– % High Meaning (% of alumni who think their job makes the world a better place)

– % STEM Degrees (% of degrees awarded in science, technology, engineering, or math)

***

1. SUNY – Maritime College    $65,200    $134,000    65%    46%

2. Harvey Mudd College    $78,200    $133,000    63%    86%

3. (tie) Harvard University   $61,400    $126,000    65%    28%

3. (tie) United States Naval Academy    $78,200    $126,000    55%    54%

5. California Institute of Technology    $72,600    $125,000    66%    93%

6. Massachusetts Institute of Technology    $74,900    $124,000    55%    79%

7. Stanford University    $65,900    $123,000    62%    29%

8. Princeton University    $61,300    $122,000    58%    32%

9. Babson College    $60,700    $121,000    30%    N/A

10. (tie) Stevens Institute of Technology    $66,800    $120,000    47%    84%

10. (tie) United States Military Academy    $78,500    $120,000    61%    39%

10. (tie) University of Pennsylvania    $60,300    $120,000    55%    19%

10. (tie) Washington and Lee University    $54,700    $120,000    58%    17%

***

You can review all the categories and rankings here.

Again, though, keep in mind the special subjectivity of these rankings. I’m sure that you won’t be thinking, “Gee, if I go to Harvey Mudd, I’ll graduate and get a job that pays more than graduates from Penn!” Then again, maybe you might think that.

As you know from my past rants here, I’m not a rankings fan. There are way too many variables and the methodology is usually slanted one way or the other, many times unintentionally, though. So, proceed with caution.

**********

Be sure to see my other college-related articles on College Confidential.

Written by

Dave Berry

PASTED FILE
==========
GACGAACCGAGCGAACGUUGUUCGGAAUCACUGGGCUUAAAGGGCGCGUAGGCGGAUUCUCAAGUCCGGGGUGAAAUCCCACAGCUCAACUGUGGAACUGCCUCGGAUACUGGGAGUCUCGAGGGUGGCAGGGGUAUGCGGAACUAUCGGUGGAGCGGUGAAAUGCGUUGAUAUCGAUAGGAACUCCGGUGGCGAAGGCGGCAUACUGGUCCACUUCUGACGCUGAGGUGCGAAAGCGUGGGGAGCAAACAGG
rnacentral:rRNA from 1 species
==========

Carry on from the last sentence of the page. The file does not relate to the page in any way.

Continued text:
Dave Berry

Dave is co-founder of College Confidential and College Karma Consulting, co-author of America's Elite Colleges: The Smart Buyer's Guide to the Ivy League and Other Top Schools, and has over 30 years of experience helping high schoolers gain admission to Ivy League and other ultra-selective schools. He is an expert in the areas application strategies, stats evaluation, college matching, student profile marketing, essays, personality and temperament assessments and web-based admissions counseling. Dave is a graduate of The Pennsylvania State University and has won national awards for his writing on higher education issues, marketing campaigns and communications programs. He brings this expertise to the discipline of college admissions and his role as a student advocate. His College Quest newspaper page won the Newspaper Association of America's Program Excellence Award, the Pennsylvania Newspaper Publisher's Association Newspapers in Education Award, the Thomson Newspapers President's Award for Marketing Excellence and the Inland Press Association-University of Kentucky School of Journalism and Mass Communications Inland Innovation Award for the Best New Page. His pioneering journalism program for teenagers, PRO-TEENS, also received national media attention. In addition, Dave won the Newspaper Association of America's Program Excellence Award for Celebrate Diversity!, a program teaching junior high school students about issues of tolerance. His College Knowledge question-and-answer columns have been published in newspapers throughout the United States. Dave loves Corvettes, classical music, computers, and miniature dachshunds. He and his wife Sharon have a daughter, son and four grandchildren.